Dental Caries: Localized destruction of the tooth surface initiated by decalcification of the enamel followed by enzymatic lysis of organic structures and leading to cavity formation. If left unchecked, the cavity may penetrate the enamel and dentin and reach the pulp.Dental Caries Susceptibility: The predisposition to tooth decay (DENTAL CARIES).DMF Index: "Decayed, missing and filled teeth," a routinely used statistical concept in dentistry.Dental Caries Activity Tests: Diagnostic tests conducted in order to measure the increment of active DENTAL CARIES over a period of time.Dental Care: The total of dental diagnostic, preventive, and restorative services provided to meet the needs of a patient (from Illustrated Dictionary of Dentistry, 1982).Root Caries: Dental caries involving the tooth root, cementum, or cervical area of the tooth.Streptococcus mutans: A polysaccharide-producing species of STREPTOCOCCUS isolated from human dental plaque.Diet, Cariogenic: A diet that contributes to the development and advancement of DENTAL CARIES.Oral Hygiene: The practice of personal hygiene of the mouth. It includes the maintenance of oral cleanliness, tissue tone, and general preservation of oral health.Tooth, Deciduous: The teeth of the first dentition, which are shed and replaced by the permanent teeth.Dental Plaque: A film that attaches to teeth, often causing DENTAL CARIES and GINGIVITIS. It is composed of MUCINS, secreted from salivary glands, and microorganisms.Cariostatic Agents: Substances that inhibit or arrest DENTAL CARIES formation. (Boucher's Clinical Dental Terminology, 4th ed)Education, Dental: Use for articles concerning dental education in general.Fluoridation: Practice of adding fluoride to water for the purpose of preventing tooth decay and cavities.Toothbrushing: The act of cleaning teeth with a brush to remove plaque and prevent tooth decay. (From Webster, 3d ed)Pit and Fissure Sealants: Agents used to occlude dental enamel pits and fissures in the prevention of dental caries.Schools, Dental: Educational institutions for individuals specializing in the field of dentistry.Dental Care for Children: The giving of attention to the special dental needs of children, including the prevention of tooth diseases and instruction in dental hygiene and dental health. The dental care may include the services provided by dental specialists.Fluorosis, Dental: A chronic endemic form of hypoplasia of the dental enamel caused by drinking water with a high fluorine content during the time of tooth formation, and characterized by defective calcification that gives a white chalky appearance to the enamel, which gradually undergoes brown discoloration. (Jablonski's Dictionary of Dentistry, 1992, p286)Students, Dental: Individuals enrolled a school of dentistry or a formal educational program in leading to a degree in dentistry.Dental Restoration, Permanent: A restoration designed to remain in service for not less than 20 to 30 years, usually made of gold casting, cohesive gold, or amalgam. (Jablonski, Dictionary of Dentistry, 1992)Cariogenic Agents: Substances that promote DENTAL CARIES.Toothpastes: Dentifrices that are formulated into a paste form. They typically contain abrasives, HUMECTANTS; DETERGENTS; FLAVORING AGENTS; and CARIOSTATIC AGENTS.Dental Clinics: Facilities where dental care is provided to patients.Oral Health: The optimal state of the mouth and normal functioning of the organs of the mouth without evidence of disease.Insurance, Dental: Insurance providing coverage for dental care.Fluorides, Topical: Fluorides, usually in pastes or gels, used for topical application to reduce the incidence of DENTAL CARIES.Fluorides: Inorganic salts of hydrofluoric acid, HF, in which the fluorine atom is in the -1 oxidation state. (McGraw-Hill Dictionary of Scientific and Technical Terms, 4th ed) Sodium and stannous salts are commonly used in dentifrices.Saliva: The clear, viscous fluid secreted by the SALIVARY GLANDS and mucous glands of the mouth. It contains MUCINS, water, organic salts, and ptylin.Health Education, Dental: Education which increases the awareness and favorably influences the attitudes and knowledge relating to the improvement of dental health on a personal or community basis.Dentition, Permanent: The 32 teeth of adulthood that either replace or are added to the complement of deciduous teeth. (Boucher's Clinical Dental Terminology, 4th ed)Dental Health Surveys: A systematic collection of factual data pertaining to dental or oral health and disease in a human population within a given geographic area.Dental Health Services: Services designed to promote, maintain, or restore dental health.Dental Care for Chronically Ill: Dental care for patients with chronic diseases. These diseases include chronic cardiovascular, endocrinologic, hematologic, immunologic, neoplastic, and renal diseases. The concept does not include dental care for the mentally or physically disabled which is DENTAL CARE FOR DISABLED.Streptococcus sobrinus: A species of gram-positive, coccoid bacteria isolated from the human tooth surface. Strains have been shown to be cariogenic in experimental animals and may be associated with human dental caries.Dental Research: The study of laws, theories, and hypotheses through a systematic examination of pertinent facts and their interpretation in the field of dentistry. (From Jablonski, Illustrated Dictionary of Dentistry, 1982, p674)Dental Pulp: A richly vascularized and innervated connective tissue of mesodermal origin, contained in the central cavity of a tooth and delimited by the dentin, and having formative, nutritive, sensory, and protective functions. (Jablonski, Dictionary of Dentistry, 1992)Dental Care for Aged: The giving of attention to the special dental needs of the elderly for proper maintenance or treatment. The dental care may include the services provided by dental specialists.Oral Hygiene Index: A combination of the debris index and the dental calculus index to determine the status of oral hygiene.School Dentistry: Preventive dental services provided for students in primary and secondary schools.Dental Hygienists: Persons trained in an accredited school or dental college and licensed by the state in which they reside to provide dental prophylaxis under the direction of a licensed dentist.Molar: The most posterior teeth on either side of the jaw, totaling eight in the deciduous dentition (2 on each side, upper and lower), and usually 12 in the permanent dentition (three on each side, upper and lower). They are grinding teeth, having large crowns and broad chewing surfaces. (Jablonski, Dictionary of Dentistry, 1992, p821)Faculty, Dental: The teaching staff and members of the administrative staff having academic rank in a dental school.Tooth Loss: The failure to retain teeth as a result of disease or injury.Dental Care for Disabled: Dental care for the emotionally, mentally, or physically disabled patient. It does not include dental care for the chronically ill ( = DENTAL CARE FOR CHRONICALLY ILL).Dental Enamel: A hard thin translucent layer of calcified substance which envelops and protects the dentin of the crown of the tooth. It is the hardest substance in the body and is almost entirely composed of calcium salts. Under the microscope, it is composed of thin rods (enamel prisms) held together by cementing substance, and surrounded by an enamel sheath. (From Jablonski, Dictionary of Dentistry, 1992, p286)Preventive Dentistry: The branch of dentistry concerned with the prevention of disease and the maintenance and promotion of oral health.Dental Fissures: Deep grooves or clefts in the surface of teeth equivalent to class 1 cavities in Black's classification of dental caries.Periodontal Diseases: Pathological processes involving the PERIODONTIUM including the gum (GINGIVA), the alveolar bone (ALVEOLAR PROCESS), the DENTAL CEMENTUM, and the PERIODONTAL LIGAMENT.Dental Anxiety: Abnormal fear or dread of visiting the dentist for preventive care or therapy and unwarranted anxiety over dental procedures.Radiography, Dental: Radiographic techniques used in dentistry.General Practice, Dental: Nonspecialized dental practice which is concerned with providing primary and continuing dental care.Tooth: One of a set of bone-like structures in the mouth used for biting and chewing.Dental Auxiliaries: Personnel whose work is prescribed and supervised by the dentist.Dental Arch: The curve formed by the row of TEETH in their normal position in the JAW. The inferior dental arch is formed by the mandibular teeth, and the superior dental arch by the maxillary teeth.Dental Amalgam: An alloy used in restorative dentistry that contains mercury, silver, tin, copper, and possibly zinc.Tooth Remineralization: Therapeutic technique for replacement of minerals in partially decalcified teeth.Dental Records: Data collected during dental examination for the purpose of study, diagnosis, or treatment planning.Transillumination: Passage of light through body tissues or cavities for examination of internal structures.Tooth DiseasesDental Offices: The room or rooms in which the dentist and dental staff provide care. Offices include all rooms in the dentist's office suite.Dental Plaque Index: An index which scores the degree of dental plaque accumulation.Dentin: The hard portion of the tooth surrounding the pulp, covered by enamel on the crown and cementum on the root, which is harder and denser than bone but softer than enamel, and is thus readily abraded when left unprotected. (From Jablonski, Dictionary of Dentistry, 1992)Toothache: Pain in the adjacent areas of the teeth.Dentists: Individuals licensed to practice DENTISTRY.Tooth Extraction: The surgical removal of a tooth. (Dorland, 28th ed)Dental Staff: Personnel who provide dental service to patients in an organized facility, institution or agency.Dietary Sucrose: Sucrose present in the diet. It is added to food and drinks as a sweetener.Chewing Gum: A preparation of chicle, sometimes mixed with other plastic substances, sweetened and flavored. It is masticated usually for pleasure as a candy substitute but it sometimes acts as a vehicle for the administration of medication.Dental Equipment: The nonexpendable items used by the dentist or dental staff in the performance of professional duties. (From Boucher's Clinical Dental Terminology, 4th ed, p106)Tooth Demineralization: A tooth's loss of minerals, such as calcium in hydroxyapatite from the tooth matrix, caused by acidic exposure. An example of the occurrence of demineralization is in the formation of dental caries.Dental Atraumatic Restorative Treatment: Treatment modality for DENTAL CARIES that uses manual excavation method and GLASS IONOMER CEMENTS. Because of its noninvasiveness and no need for expensive equipment and anesthesia it is promoted as an approach in places where dental care is not readily available.Mouth, Edentulous: Total lack of teeth through disease or extraction.Dental Service, Hospital: Hospital department providing dental care.Mouth: The oval-shaped oral cavity located at the apex of the digestive tract and consisting of two parts: the vestibule and the oral cavity proper.Dental Pulp Diseases: Endodontic diseases of the DENTAL PULP inside the tooth, which is distinguished from PERIAPICAL DISEASES of the tissue surrounding the root.Candy: Sweet food products combining cane or beet sugars with other carbohydrates and chocolate, milk, eggs, and various flavorings. In the United States, candy refers to both sugar- and cocoa-based confections and is differentiated from sweetened baked goods; elsewhere the terms sugar confectionary, chocolate confectionary, and flour confectionary (meaning goods such as cakes and pastries) are used.Mouthwashes: Solutions for rinsing the mouth, possessing cleansing, germicidal, or palliative properties. (From Boucher's Clinical Dental Terminology, 4th ed)Dentist's Practice Patterns: Patterns of practice in dentistry related to diagnosis and treatment.Dental Assistants: Individuals who assist the dentist or the dental hygienist.Anesthesia, Dental: A range of methods used to reduce pain and anxiety during dental procedures.Education, Dental, Continuing: Educational programs designed to inform dentists of recent advances in their fields.Xylitol: A five-carbon sugar alcohol derived from XYLOSE by reduction of the carbonyl group. It is as sweet as sucrose and used as a noncariogenic sweetener.Dental Enamel Hypoplasia: An acquired or hereditary condition due to deficiency in the formation of tooth enamel (AMELOGENESIS). It is usually characterized by defective, thin, or malformed DENTAL ENAMEL. Risk factors for enamel hypoplasia include gene mutations, nutritional deficiencies, diseases, and environmental factors.Dental Implants: Biocompatible materials placed into (endosseous) or onto (subperiosteal) the jawbone to support a crown, bridge, or artificial tooth, or to stabilize a diseased tooth.Dental Models: Presentation devices used for patient education and technique training in dentistry.Dental Materials: Materials used in the production of dental bases, restorations, impressions, prostheses, etc.Periodontal Index: A numerical rating scale for classifying the periodontal status of a person or population with a single figure which takes into consideration prevalence as well as severity of the condition. It is based upon probe measurement of periodontal pockets and on gingival tissue status.Gingivitis: Inflammation of gum tissue (GINGIVA) without loss of connective tissue.Radiography, Bitewing: Technique involving the passage of X-rays through oral structures to create a film record while a central tab or wing of dental X-ray film is being held between upper and lower teeth.Dental Devices, Home Care: Devices used in the home by persons to maintain dental and periodontal health. The devices include toothbrushes, dental flosses, water irrigators, gingival stimulators, etc.Prevalence: The total number of cases of a given disease in a specified population at a designated time. It is differentiated from INCIDENCE, which refers to the number of new cases in the population at a given time.Group Practice, Dental: Any group of three or more full-time dentists, organized in a legally recognized entity for the provision of dental care, sharing space, equipment, personnel and records for both patient care and business management, and who have a predetermined arrangement for the distribution of income.Stomatognathic Diseases: General or unspecified diseases of the stomatognathic system, comprising the mouth, teeth, jaws, and pharynx.Education, Dental, Graduate: Educational programs for dental graduates entering a specialty. They include formal specialty training as well as academic work in the clinical and basic dental sciences, and may lead to board certification or an advanced dental degree.Dentistry: The profession concerned with the teeth, oral cavity, and associated structures, and the diagnosis and treatment of their diseases including prevention and the restoration of defective and missing tissue.Ethics, Dental: The principles of proper professional conduct concerning the rights and duties of the dentist, relations with patients and fellow practitioners, as well as actions of the dentist in patient care and interpersonal relations with patient families. (From Stedman, 25th ed)Incisor: Any of the eight frontal teeth (four maxillary and four mandibular) having a sharp incisal edge for cutting food and a single root, which occurs in man both as a deciduous and a permanent tooth. (Jablonski, Dictionary of Dentistry, 1992, p820)Societies, Dental: Societies whose membership is limited to dentists.Technology, Dental: The field of dentistry involved in procedures for designing and constructing dental appliances. It includes also the application of any technology to the field of dentistry.Licensure, Dental: The granting of a license to practice dentistry.Tooth Discoloration: Any change in the hue, color, or translucency of a tooth due to any cause. Restorative filling materials, drugs (both topical and systemic), pulpal necrosis, or hemorrhage may be responsible. (Jablonski, Dictionary of Dentistry, 1992, p253)Laboratories, Dental: Facilities for the performance of services related to dental treatment but not done directly in the patient's mouth.Diagnosis, Oral: Examination of the mouth and teeth toward the identification and diagnosis of intraoral disease or manifestation of non-oral conditions.Mouth DiseasesDental Prophylaxis: Treatment for the prevention of periodontal diseases or other dental diseases by the cleaning of the teeth in the dental office using the procedures of DENTAL SCALING and DENTAL POLISHING. The treatment may include plaque detection, removal of supra- and subgingival plaque and calculus, application of caries-preventing agents, checking of restorations and prostheses and correcting overhanging margins and proximal contours of restorations, and checking for signs of food impaction.Dental Pellicle: A thin protein film on the surface of DENTAL ENAMEL. It is widely believed to result from the selective adsorption of precursor proteins present in SALIVA onto tooth surfaces, and to reduce microbial adherence to the TEETH.Glucosyltransferases: Enzymes that catalyze the transfer of glucose from a nucleoside diphosphate glucose to an acceptor molecule which is frequently another carbohydrate. EC 2.4.1.-.Specialties, Dental: Various branches of dental practice limited to specialized areas.Dental Calculus: Abnormal concretion or calcified deposit that forms around the teeth or dental prostheses.Fees, Dental: Amounts charged to the patient as payer for dental services.Chlorhexidine: A disinfectant and topical anti-infective agent used also as mouthwash to prevent oral plaque.Radiography, Dental, Digital: A rapid, low-dose, digital imaging system using a small intraoral sensor instead of radiographic film, an intensifying screen, and a charge-coupled device. It presents the possibility of reduced patient exposure and minimal distortion, although resolution and latitude are inferior to standard dental radiography. A receiver is placed in the mouth, routing signals to a computer which images the signals on a screen or in print. It includes digitizing from x-ray film or any other detector. (From MEDLINE abstracts; personal communication from Dr. Charles Berthold, NIDR)Pulpitis: Inflammation of the DENTAL PULP, usually due to bacterial infection in dental caries, tooth fracture, or other conditions causing exposure of the pulp to bacterial invasion. Chemical irritants, thermal factors, hyperemic changes, and other factors may also cause pulpitis.Anti-Infective Agents, Local: Substances used on humans and other animals that destroy harmful microorganisms or inhibit their activity. They are distinguished from DISINFECTANTS, which are used on inanimate objects.Dental Technicians: Individuals responsible for fabrication of dental appliances.Cuspid: The third tooth to the left and to the right of the midline of either jaw, situated between the second INCISOR and the premolar teeth (BICUSPID). (Jablonski, Dictionary of Dentistry, 1992, p817)Tooth Wear: Loss of the tooth substance by chemical or mechanical processesTooth Abnormalities: Congenital absence of or defects in structures of the teeth.Dental Restoration Repair: The process of repairing broken or worn parts of a PERMANENT DENTAL RESTORATION.BrazilXerostomia: Decreased salivary flow.Practice Management, Dental: The organization and operation of the business aspects of a dental practice.Social Marginalization: Individuals or groups, excluded from participation in the economic, social, and political activities of membership in a community.Dental Cavity Preparation: An operation in which carious material is removed from teeth and biomechanically correct forms are established in the teeth to receive and retain restorations. A constant requirement is provision for prevention of failure of the restoration through recurrence of decay or inadequate resistance to applied stresses. (Boucher's Clinical Dental Terminology, 4th ed, p239-40)Dental Sac: Dense fibrous layer formed from mesodermal tissue that surrounds the epithelial enamel organ. The cells eventually migrate to the external surface of the newly formed root dentin and give rise to the cementoblasts that deposit cementum on the developing root, fibroblasts of the developing periodontal ligament, and osteoblasts of the developing alveolar bone.Bicuspid: One of the eight permanent teeth, two on either side in each jaw, between the canines (CUSPID) and the molars (MOLAR), serving for grinding and crushing food. The upper have two cusps (bicuspid) but the lower have one to three. (Jablonski, Dictionary of Dentistry, 1992, p822)Bottle Feeding: Use of nursing bottles for feeding. Applies to humans and animals.Crowns: A prosthetic restoration that reproduces the entire surface anatomy of the visible natural crown of a tooth. It may be partial (covering three or more surfaces of a tooth) or complete (covering all surfaces). It is made of gold or other metal, porcelain, or resin.Evidence-Based Dentistry: An approach or process of practicing oral health care that requires the judicious integration of systematic assessments of clinical relevant scientific evidence, relating to the patient's oral and medical condition and history, with the dentist's clinical expertise and the patient's treatment needs and preferences. (from J Am Dent Assoc 134: 689, 2003)Pediatric Dentistry: The practice of dentistry concerned with the dental problems of children, proper maintenance, and treatment. The dental care may include the services provided by dental specialists.Dentifrices: Any preparations used for cleansing teeth; they usually contain an abrasive, detergent, binder and flavoring agent and may exist in the form of liquid, paste or powder; may also contain medicaments and caries preventives.Tooth Injuries: Traumatic or other damage to teeth including fractures (TOOTH FRACTURES) or displacements (TOOTH LUXATION).Biofilms: Encrustations, formed from microbes (bacteria, algae, fungi, plankton, or protozoa) embedding in extracellular polymers, that adhere to surfaces such as teeth (DENTAL DEPOSITS); PROSTHESES AND IMPLANTS; and catheters. Biofilms are prevented from forming by treating surfaces with DENTIFRICES; DISINFECTANTS; ANTI-INFECTIVE AGENTS; and antifouling agents.Dentition, Mixed: The complement of teeth in the jaws after the eruption of some of the permanent teeth but before all the deciduous teeth are absent. (Boucher's Clinical Dental Terminology, 4th ed)Comprehensive Dental Care: Providing for the full range of dental health services for diagnosis, treatment, follow-up, and rehabilitation of patients.Esthetics, Dental: Skills, techniques, standards, and principles used to improve the art and symmetry of the teeth and face to improve the appearance as well as the function of the teeth, mouth, and face. (From Boucher's Clinical Dental Terminology, 4th ed, p108)Dental Deposits: Accumulations of microflora that lead to pathological plaque and calculus which cause PERIODONTAL DISEASES. It can be considered a type of BIOFILMS. It is subtly distinguished from the protective DENTAL PELLICLE.Photography, Dental: Photographic techniques used in ORTHODONTICS; DENTAL ESTHETICS; and patient education.Cross-Sectional Studies: Studies in which the presence or absence of disease or other health-related variables are determined in each member of the study population or in a representative sample at one particular time. This contrasts with LONGITUDINAL STUDIES which are followed over a period of time.Jaw, Edentulous, Partially: Absence of teeth from a portion of the mandible and/or maxilla.Dentist-Patient Relations: The psychological relations between the dentist and patient.Tooth Eruption: The emergence of a tooth from within its follicle in the ALVEOLAR PROCESS of the MAXILLA or MANDIBLE into the ORAL CAVITY. (Boucher's Clinical Dental Terminology, 4th ed)IndiaTelepathy: The knowledge or communication by one person with the mental processes of another through channels other than known physical or perceptual processes.Statistics, Nonparametric: A class of statistical methods applicable to a large set of probability distributions used to test for correlation, location, independence, etc. In most nonparametric statistical tests, the original scores or observations are replaced by another variable containing less information. An important class of nonparametric tests employs the ordinal properties of the data. Another class of tests uses information about whether an observation is above or below some fixed value such as the median, and a third class is based on the frequency of the occurrence of runs in the data. (From McGraw-Hill Dictionary of Scientific and Technical Terms, 4th ed, p1284; Corsini, Concise Encyclopedia of Psychology, 1987, p764-5)Binomial Distribution: The probability distribution associated with two mutually exclusive outcomes; used to model cumulative incidence rates and prevalence rates. The Bernoulli distribution is a special case of binomial distribution.Streptococcus: A genus of gram-positive, coccoid bacteria whose organisms occur in pairs or chains. No endospores are produced. Many species exist as commensals or parasites on man or animals with some being highly pathogenic. A few species are saprophytes and occur in the natural environment.Schools, Nursery: Schools for children usually under five years of age.Infection Control, Dental: Efforts to prevent and control the spread of infections within dental health facilities or those involving provision of dental care.Dental Instruments: Hand-held tools or implements especially used by dental professionals for the performance of clinical tasks.Dental Papilla: Mesodermal tissue enclosed in the invaginated portion of the epithelial enamel organ and giving rise to the dentin and pulp.Dental Occlusion: The relationship of all the components of the masticatory system in normal function. It has special reference to the position and contact of the maxillary and mandibular teeth for the highest efficiency during the excursive movements of the jaw that are essential for mastication. (From Jablonski, Dictionary of Dentistry, 1992, p556, p472)Dental Prosthesis: An artificial replacement for one or more natural teeth or part of a tooth, or associated structures, ranging from a portion of a tooth to a complete denture. The dental prosthesis is used for cosmetic or functional reasons, or both. DENTURES and specific types of dentures are also available. (From Boucher's Clinical Dental Terminology, 4th ed, p244 & Jablonski, Dictionary of Dentistry, 1992, p643)Dental Informatics: The application of computer and information sciences to improve dental practice, research, education and management.Dental Alloys: A mixture of metallic elements or compounds with other metallic or metalloid elements in varying proportions for use in restorative or prosthetic dentistry.Dental Pulp Exposure: The result of pathological changes in the hard tissue of a tooth caused by carious lesions, mechanical factors, or trauma, which render the pulp susceptible to bacterial invasion from the external environment.Mobile Health Units: Movable or portable facilities in which diagnostic and therapeutic services are provided to the community.Immunoglobulin A, Secretory: The principle immunoglobulin in exocrine secretions such as milk, respiratory and intestinal mucin, saliva and tears. The complete molecule (around 400 kD) is composed of two four-chain units of IMMUNOGLOBULIN A, one SECRETORY COMPONENT and one J chain (IMMUNOGLOBULIN J-CHAINS).Dental Audit: A detailed review and evaluation of selected clinical records by qualified professional personnel for evaluating quality of dental care.Tooth Erosion: Progressive loss of the hard substance of a tooth by chemical processes that do not involve bacterial action. (Jablonski, Dictionary of Dentistry, 1992, p296)Dentistry, Operative: That phase of clinical dentistry concerned with the restoration of parts of existing teeth that are defective through disease, trauma, or abnormal development, to the state of normal function, health, and esthetics, including preventive, diagnostic, biological, mechanical, and therapeutic techniques, as well as material and instrument science and application. (Jablonski's Dictionary of Dentistry, 2d ed, p237)Tooth Crown: The upper part of the tooth, which joins the lower part of the tooth (TOOTH ROOT) at the cervix (TOOTH CERVIX) at a line called the cementoenamel junction. The entire surface of the crown is covered with enamel which is thicker at the extremity and becomes progressively thinner toward the cervix. (From Jablonski, Dictionary of Dentistry, 1992, p216)Age Factors: Age as a constituent element or influence contributing to the production of a result. It may be applicable to the cause or the effect of a circumstance. It is used with human or animal concepts but should be differentiated from AGING, a physiological process, and TIME FACTORS which refers only to the passage of time.Dental Waste: Any waste product generated by a dental office, surgery, clinic, or laboratory including amalgams, saliva, and rinse water.Dental Implantation: The grafting or inserting of a prosthetic device of alloplastic material into the oral tissue beneath the mucosal or periosteal layer or within the bone. Its purpose is to provide support and retention to a partial or complete denture.Lactobacillus: A genus of gram-positive, microaerophilic, rod-shaped bacteria occurring widely in nature. Its species are also part of the many normal flora of the mouth, intestinal tract, and vagina of many mammals, including humans. Pathogenicity from this genus is rare.Sucrose: A nonreducing disaccharide composed of GLUCOSE and FRUCTOSE linked via their anomeric carbons. It is obtained commercially from SUGARCANE, sugar beet (BETA VULGARIS), and other plants and used extensively as a food and a sweetener.Economics, Dental: Economic aspects of the dental profession and dental care.Composite Resins: Synthetic resins, containing an inert filler, that are widely used in dentistry.Northern Territory: Territory in north central Australia, between the states of Queensland and Western Australia. Its capital is Darwin.Community Dentistry: The practice of dentistry concerned with preventive as well as diagnostic and treatment programs in a circumscribed population.Mandible: The largest and strongest bone of the FACE constituting the lower jaw. It supports the lower teeth.Sweetening Agents: Substances that sweeten food, beverages, medications, etc., such as sugar, saccharine or other low-calorie synthetic products. (From Random House Unabridged Dictionary, 2d ed)Periapical Abscess: Acute or chronic inflammation of tissues surrounding the apical portion of a tooth, associated with the collection of pus, resulting from infection following pulp infection through a carious lesion or as a result of an injury causing pulp necrosis. (Dorland, 27th ed)Public Health Dentistry: A dental specialty concerned with the prevention of disease and the maintenance of oral health through promoting organized dental health programs at a community, state, or federal level.Income: Revenues or receipts accruing from business enterprise, labor, or invested capital.Malocclusion: Such malposition and contact of the maxillary and mandibular teeth as to interfere with the highest efficiency during the excursive movements of the jaw that are essential for mastication. (Jablonski, Illustrated Dictionary of Dentistry, 1982)Snacks: Foods eaten between MEALTIMES.Dental Scaling: Removal of dental plaque and dental calculus from the surface of a tooth, from the surface of a tooth apical to the gingival margin accumulated in periodontal pockets, or from the surface coronal to the gingival margin.Periapical Periodontitis: Inflammation of the PERIAPICAL TISSUE. It includes general, unspecified, or acute nonsuppurative inflammation. Chronic nonsuppurative inflammation is PERIAPICAL GRANULOMA. Suppurative inflammation is PERIAPICAL ABSCESS.Glucans: Polysaccharides composed of repeating glucose units. They can consist of branched or unbranched chains in any linkages.Socioeconomic Factors: Social and economic factors that characterize the individual or group within the social structure.Streptococcal Infections: Infections with bacteria of the genus STREPTOCOCCUS.Social Class: A stratum of people with similar position and prestige; includes social stratification. Social class is measured by criteria such as education, occupation, and income.Dental Polishing: Creation of a smooth and glossy surface finish on a denture or amalgam.Dental Facilities: Use for material on dental facilities in general or for which there is no specific heading.Periodontitis: Inflammation and loss of connective tissues supporting or surrounding the teeth. This may involve any part of the PERIODONTIUM. Periodontitis is currently classified by disease progression (CHRONIC PERIODONTITIS; AGGRESSIVE PERIODONTITIS) instead of age of onset. (From 1999 International Workshop for a Classification of Periodontal Diseases and Conditions, American Academy of Periodontology)American Dental Association: Professional society representing the field of dentistry.Sodium Fluoride: A source of inorganic fluoride which is used topically to prevent dental caries.LacquerQuestionnaires: Predetermined sets of questions used to collect data - clinical data, social status, occupational group, etc. The term is often applied to a self-completed survey instrument.Colony Count, Microbial: Enumeration by direct count of viable, isolated bacterial, archaeal, or fungal CELLS or SPORES capable of growth on solid CULTURE MEDIA. The method is used routinely by environmental microbiologists for quantifying organisms in AIR; FOOD; and WATER; by clinicians for measuring patients' microbial load; and in antimicrobial drug testing.Salivary Proteins and Peptides: Proteins and peptides found in SALIVA and the SALIVARY GLANDS. Some salivary proteins such as ALPHA-AMYLASES are enzymes, but their composition varies in different individuals.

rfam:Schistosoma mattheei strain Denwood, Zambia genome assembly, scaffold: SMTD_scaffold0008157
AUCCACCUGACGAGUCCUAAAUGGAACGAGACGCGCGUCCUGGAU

Fissure sealants and resin restorations for deep grooves and fissures to prevent dental caries. Orthodontic treatment Reshape ... Tooth gemination is a dental phenomenon that appears to be two teeth developed from one. There is one main crown with a cleft ... PMC 2638247 . E. Grammatopoulos (11 Aug 2007). "Gemination or fusion?". British Dental Journal. 203: 119-120. doi:10.1038/bdj. ... "Tooth gemination in dentistry". DentaGama Dental Social Network. DentaGama. Retrieved 1 December 2017. Nandini DB, Deepak BS, ...